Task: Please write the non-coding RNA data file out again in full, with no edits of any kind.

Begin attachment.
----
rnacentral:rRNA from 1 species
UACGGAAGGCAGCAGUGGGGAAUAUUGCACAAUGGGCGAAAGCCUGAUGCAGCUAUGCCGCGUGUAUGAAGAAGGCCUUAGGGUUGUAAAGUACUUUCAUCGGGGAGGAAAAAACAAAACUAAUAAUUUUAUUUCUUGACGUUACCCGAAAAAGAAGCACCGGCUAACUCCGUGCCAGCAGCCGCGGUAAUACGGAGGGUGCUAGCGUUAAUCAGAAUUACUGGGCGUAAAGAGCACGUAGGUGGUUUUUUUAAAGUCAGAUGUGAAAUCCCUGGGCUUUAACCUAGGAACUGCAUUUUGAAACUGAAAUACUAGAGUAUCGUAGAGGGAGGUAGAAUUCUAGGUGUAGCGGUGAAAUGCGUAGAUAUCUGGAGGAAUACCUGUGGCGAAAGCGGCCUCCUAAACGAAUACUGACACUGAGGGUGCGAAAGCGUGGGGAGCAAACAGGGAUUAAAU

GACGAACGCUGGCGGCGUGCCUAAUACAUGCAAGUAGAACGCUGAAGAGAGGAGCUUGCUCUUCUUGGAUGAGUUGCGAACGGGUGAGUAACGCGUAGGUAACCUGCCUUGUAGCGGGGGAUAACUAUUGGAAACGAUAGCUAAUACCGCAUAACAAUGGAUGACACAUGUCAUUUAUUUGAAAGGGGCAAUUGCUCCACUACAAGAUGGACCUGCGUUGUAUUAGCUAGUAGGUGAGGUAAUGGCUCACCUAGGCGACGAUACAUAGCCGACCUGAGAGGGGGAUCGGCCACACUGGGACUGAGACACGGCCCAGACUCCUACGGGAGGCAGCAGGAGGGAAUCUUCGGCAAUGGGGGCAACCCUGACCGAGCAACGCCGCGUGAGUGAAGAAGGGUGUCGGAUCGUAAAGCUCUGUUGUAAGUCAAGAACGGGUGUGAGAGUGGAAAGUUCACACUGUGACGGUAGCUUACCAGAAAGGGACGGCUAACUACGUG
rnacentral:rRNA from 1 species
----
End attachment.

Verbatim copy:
rnacentral:rRNA from 1 species
UACGGAAGGCAGCAGUGGGGAAUAUUGCACAAUGGGCGAAAGCCUGAUGCAGCUAUGCCGCGUGUAUGAAGAAGGCCUUAGGGUUGUAAAGUACUUUCAUCGGGGAGGAAAAAACAAAACUAAUAAUUUUAUUUCUUGACGUUACCCGAAAAAGAAGCACCGGCUAACUCCGUGCCAGCAGCCGCGGUAAUACGGAGGGUGCUAGCGUUAAUCAGAAUUACUGGGCGUAAAGAGCACGUAGGUGGUUUUUUUAAAGUCAGAUGUGAAAUCCCUGGGCUUUAACCUAGGAACUGCAUUUUGAAACUGAAAUACUAGAGUAUCGUAGAGGGAGGUAGAAUUCUAGGUGUAGCGGUGAAAUGCGUAGAUAUCUGGAGGAAUACCUGUGGCGAAAGCGGCCUCCUAAACGAAUACUGACACUGAGGGUGCGAAAGCGUGGGGAGCAAACAGGGAUUAAAU

GACGAACGCUGGCGGCGUGCCUAAUACAUGCAAGUAGAACGCUGAAGAGAGGAGCUUGCUCUUCUUGGAUGAGUUGCGAACGGGUGAGUAACGCGUAGGUAACCUGCCUUGUAGCGGGGGAUAACUAUUGGAAACGAUAGCUAAUACCGCAUAACAAUGGAUGACACAUGUCAUUUAUUUGAAAGGGGCAAUUGCUCCACUACAAGAUGGACCUGCGUUGUAUUAGCUAGUAGGUGAGGUAAUGGCUCACCUAGGCGACGAUACAUAGCCGACCUGAGAGGGGGAUCGGCCACACUGGGACUGAGACACGGCCCAGACUCCUACGGGAGGCAGCAGGAGGGAAUCUUCGGCAAUGGGGGCAACCCUGACCGAGCAACGCCGCGUGAGUGAAGAAGGGUGUCGGAUCGUAAAGCUCUGUUGUAAGUCAAGAACGGGUGUGAGAGUGGAAAGUUCACACUGUGACGGUAGCUUACCAGAAAGGGACGGCUAACUACGUG
rnacentral:rRNA from 1 species